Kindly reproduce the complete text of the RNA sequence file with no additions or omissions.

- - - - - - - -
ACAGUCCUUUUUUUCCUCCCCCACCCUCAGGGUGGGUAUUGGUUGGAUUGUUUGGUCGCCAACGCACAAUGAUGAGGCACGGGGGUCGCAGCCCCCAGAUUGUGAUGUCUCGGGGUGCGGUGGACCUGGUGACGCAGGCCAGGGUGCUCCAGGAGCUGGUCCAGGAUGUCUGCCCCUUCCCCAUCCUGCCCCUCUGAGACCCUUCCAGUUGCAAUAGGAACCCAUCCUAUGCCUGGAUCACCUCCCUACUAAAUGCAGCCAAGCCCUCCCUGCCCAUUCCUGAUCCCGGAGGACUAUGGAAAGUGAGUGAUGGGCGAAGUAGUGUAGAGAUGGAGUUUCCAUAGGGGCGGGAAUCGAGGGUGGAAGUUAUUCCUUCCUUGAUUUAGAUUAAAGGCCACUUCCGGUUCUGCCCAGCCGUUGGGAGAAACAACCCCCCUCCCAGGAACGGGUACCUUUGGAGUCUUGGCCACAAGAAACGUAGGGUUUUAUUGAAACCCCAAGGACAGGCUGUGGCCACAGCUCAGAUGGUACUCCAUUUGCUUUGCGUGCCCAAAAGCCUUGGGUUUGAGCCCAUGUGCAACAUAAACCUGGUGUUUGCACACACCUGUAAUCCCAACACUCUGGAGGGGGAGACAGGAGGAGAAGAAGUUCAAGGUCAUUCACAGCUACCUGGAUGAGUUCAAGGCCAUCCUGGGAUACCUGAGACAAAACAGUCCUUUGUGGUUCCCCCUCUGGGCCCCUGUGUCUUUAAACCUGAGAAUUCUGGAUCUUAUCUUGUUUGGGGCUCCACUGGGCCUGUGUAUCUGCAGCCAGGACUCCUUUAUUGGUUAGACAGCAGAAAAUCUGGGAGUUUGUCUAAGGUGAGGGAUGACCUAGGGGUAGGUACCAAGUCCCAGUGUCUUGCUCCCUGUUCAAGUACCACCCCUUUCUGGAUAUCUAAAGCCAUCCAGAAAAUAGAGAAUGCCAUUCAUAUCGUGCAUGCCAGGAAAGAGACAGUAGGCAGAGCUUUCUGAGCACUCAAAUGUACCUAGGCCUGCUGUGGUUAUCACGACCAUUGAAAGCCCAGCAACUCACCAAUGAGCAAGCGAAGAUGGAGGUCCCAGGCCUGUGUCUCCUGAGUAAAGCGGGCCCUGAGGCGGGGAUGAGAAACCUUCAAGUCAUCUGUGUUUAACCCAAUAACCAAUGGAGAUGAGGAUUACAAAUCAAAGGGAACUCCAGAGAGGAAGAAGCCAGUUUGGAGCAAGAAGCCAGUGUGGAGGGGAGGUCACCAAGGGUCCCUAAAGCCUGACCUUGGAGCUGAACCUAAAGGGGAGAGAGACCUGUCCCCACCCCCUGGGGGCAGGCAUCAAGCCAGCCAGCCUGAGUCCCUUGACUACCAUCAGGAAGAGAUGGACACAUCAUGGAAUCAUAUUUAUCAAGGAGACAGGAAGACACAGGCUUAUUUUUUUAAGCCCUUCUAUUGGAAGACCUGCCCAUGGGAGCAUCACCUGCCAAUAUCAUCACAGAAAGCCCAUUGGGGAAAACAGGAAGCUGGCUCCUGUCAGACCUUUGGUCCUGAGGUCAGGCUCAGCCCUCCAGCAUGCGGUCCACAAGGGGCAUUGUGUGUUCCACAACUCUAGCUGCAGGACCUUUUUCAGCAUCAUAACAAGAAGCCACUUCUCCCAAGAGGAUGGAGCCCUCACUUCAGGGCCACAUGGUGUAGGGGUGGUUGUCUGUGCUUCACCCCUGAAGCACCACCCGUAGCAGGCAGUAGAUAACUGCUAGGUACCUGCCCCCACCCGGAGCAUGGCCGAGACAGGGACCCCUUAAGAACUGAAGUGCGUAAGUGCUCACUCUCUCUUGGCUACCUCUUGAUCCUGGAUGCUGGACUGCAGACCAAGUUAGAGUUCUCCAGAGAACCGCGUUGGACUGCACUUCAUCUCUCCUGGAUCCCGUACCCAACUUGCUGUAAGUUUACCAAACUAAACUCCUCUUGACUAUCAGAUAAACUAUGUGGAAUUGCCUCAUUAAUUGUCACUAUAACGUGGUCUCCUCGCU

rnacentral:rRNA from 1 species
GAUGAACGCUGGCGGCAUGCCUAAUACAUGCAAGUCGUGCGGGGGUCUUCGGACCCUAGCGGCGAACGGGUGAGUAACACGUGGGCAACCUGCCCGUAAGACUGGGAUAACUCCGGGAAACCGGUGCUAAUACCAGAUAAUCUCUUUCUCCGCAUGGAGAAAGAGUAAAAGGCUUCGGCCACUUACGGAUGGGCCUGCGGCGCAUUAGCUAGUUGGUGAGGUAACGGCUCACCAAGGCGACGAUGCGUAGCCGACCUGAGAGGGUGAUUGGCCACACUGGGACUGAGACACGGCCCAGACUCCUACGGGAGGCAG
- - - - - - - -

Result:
ACAGUCCUUUUUUUCCUCCCCCACCCUCAGGGUGGGUAUUGGUUGGAUUGUUUGGUCGCCAACGCACAAUGAUGAGGCACGGGGGUCGCAGCCCCCAGAUUGUGAUGUCUCGGGGUGCGGUGGACCUGGUGACGCAGGCCAGGGUGCUCCAGGAGCUGGUCCAGGAUGUCUGCCCCUUCCCCAUCCUGCCCCUCUGAGACCCUUCCAGUUGCAAUAGGAACCCAUCCUAUGCCUGGAUCACCUCCCUACUAAAUGCAGCCAAGCCCUCCCUGCCCAUUCCUGAUCCCGGAGGACUAUGGAAAGUGAGUGAUGGGCGAAGUAGUGUAGAGAUGGAGUUUCCAUAGGGGCGGGAAUCGAGGGUGGAAGUUAUUCCUUCCUUGAUUUAGAUUAAAGGCCACUUCCGGUUCUGCCCAGCCGUUGGGAGAAACAACCCCCCUCCCAGGAACGGGUACCUUUGGAGUCUUGGCCACAAGAAACGUAGGGUUUUAUUGAAACCCCAAGGACAGGCUGUGGCCACAGCUCAGAUGGUACUCCAUUUGCUUUGCGUGCCCAAAAGCCUUGGGUUUGAGCCCAUGUGCAACAUAAACCUGGUGUUUGCACACACCUGUAAUCCCAACACUCUGGAGGGGGAGACAGGAGGAGAAGAAGUUCAAGGUCAUUCACAGCUACCUGGAUGAGUUCAAGGCCAUCCUGGGAUACCUGAGACAAAACAGUCCUUUGUGGUUCCCCCUCUGGGCCCCUGUGUCUUUAAACCUGAGAAUUCUGGAUCUUAUCUUGUUUGGGGCUCCACUGGGCCUGUGUAUCUGCAGCCAGGACUCCUUUAUUGGUUAGACAGCAGAAAAUCUGGGAGUUUGUCUAAGGUGAGGGAUGACCUAGGGGUAGGUACCAAGUCCCAGUGUCUUGCUCCCUGUUCAAGUACCACCCCUUUCUGGAUAUCUAAAGCCAUCCAGAAAAUAGAGAAUGCCAUUCAUAUCGUGCAUGCCAGGAAAGAGACAGUAGGCAGAGCUUUCUGAGCACUCAAAUGUACCUAGGCCUGCUGUGGUUAUCACGACCAUUGAAAGCCCAGCAACUCACCAAUGAGCAAGCGAAGAUGGAGGUCCCAGGCCUGUGUCUCCUGAGUAAAGCGGGCCCUGAGGCGGGGAUGAGAAACCUUCAAGUCAUCUGUGUUUAACCCAAUAACCAAUGGAGAUGAGGAUUACAAAUCAAAGGGAACUCCAGAGAGGAAGAAGCCAGUUUGGAGCAAGAAGCCAGUGUGGAGGGGAGGUCACCAAGGGUCCCUAAAGCCUGACCUUGGAGCUGAACCUAAAGGGGAGAGAGACCUGUCCCCACCCCCUGGGGGCAGGCAUCAAGCCAGCCAGCCUGAGUCCCUUGACUACCAUCAGGAAGAGAUGGACACAUCAUGGAAUCAUAUUUAUCAAGGAGACAGGAAGACACAGGCUUAUUUUUUUAAGCCCUUCUAUUGGAAGACCUGCCCAUGGGAGCAUCACCUGCCAAUAUCAUCACAGAAAGCCCAUUGGGGAAAACAGGAAGCUGGCUCCUGUCAGACCUUUGGUCCUGAGGUCAGGCUCAGCCCUCCAGCAUGCGGUCCACAAGGGGCAUUGUGUGUUCCACAACUCUAGCUGCAGGACCUUUUUCAGCAUCAUAACAAGAAGCCACUUCUCCCAAGAGGAUGGAGCCCUCACUUCAGGGCCACAUGGUGUAGGGGUGGUUGUCUGUGCUUCACCCCUGAAGCACCACCCGUAGCAGGCAGUAGAUAACUGCUAGGUACCUGCCCCCACCCGGAGCAUGGCCGAGACAGGGACCCCUUAAGAACUGAAGUGCGUAAGUGCUCACUCUCUCUUGGCUACCUCUUGAUCCUGGAUGCUGGACUGCAGACCAAGUUAGAGUUCUCCAGAGAACCGCGUUGGACUGCACUUCAUCUCUCCUGGAUCCCGUACCCAACUUGCUGUAAGUUUACCAAACUAAACUCCUCUUGACUAUCAGAUAAACUAUGUGGAAUUGCCUCAUUAAUUGUCACUAUAACGUGGUCUCCUCGCU

rnacentral:rRNA from 1 species
GAUGAACGCUGGCGGCAUGCCUAAUACAUGCAAGUCGUGCGGGGGUCUUCGGACCCUAGCGGCGAACGGGUGAGUAACACGUGGGCAACCUGCCCGUAAGACUGGGAUAACUCCGGGAAACCGGUGCUAAUACCAGAUAAUCUCUUUCUCCGCAUGGAGAAAGAGUAAAAGGCUUCGGCCACUUACGGAUGGGCCUGCGGCGCAUUAGCUAGUUGGUGAGGUAACGGCUCACCAAGGCGACGAUGCGUAGCCGACCUGAGAGGGUGAUUGGCCACACUGGGACUGAGACACGGCCCAGACUCCUACGGGAGGCAG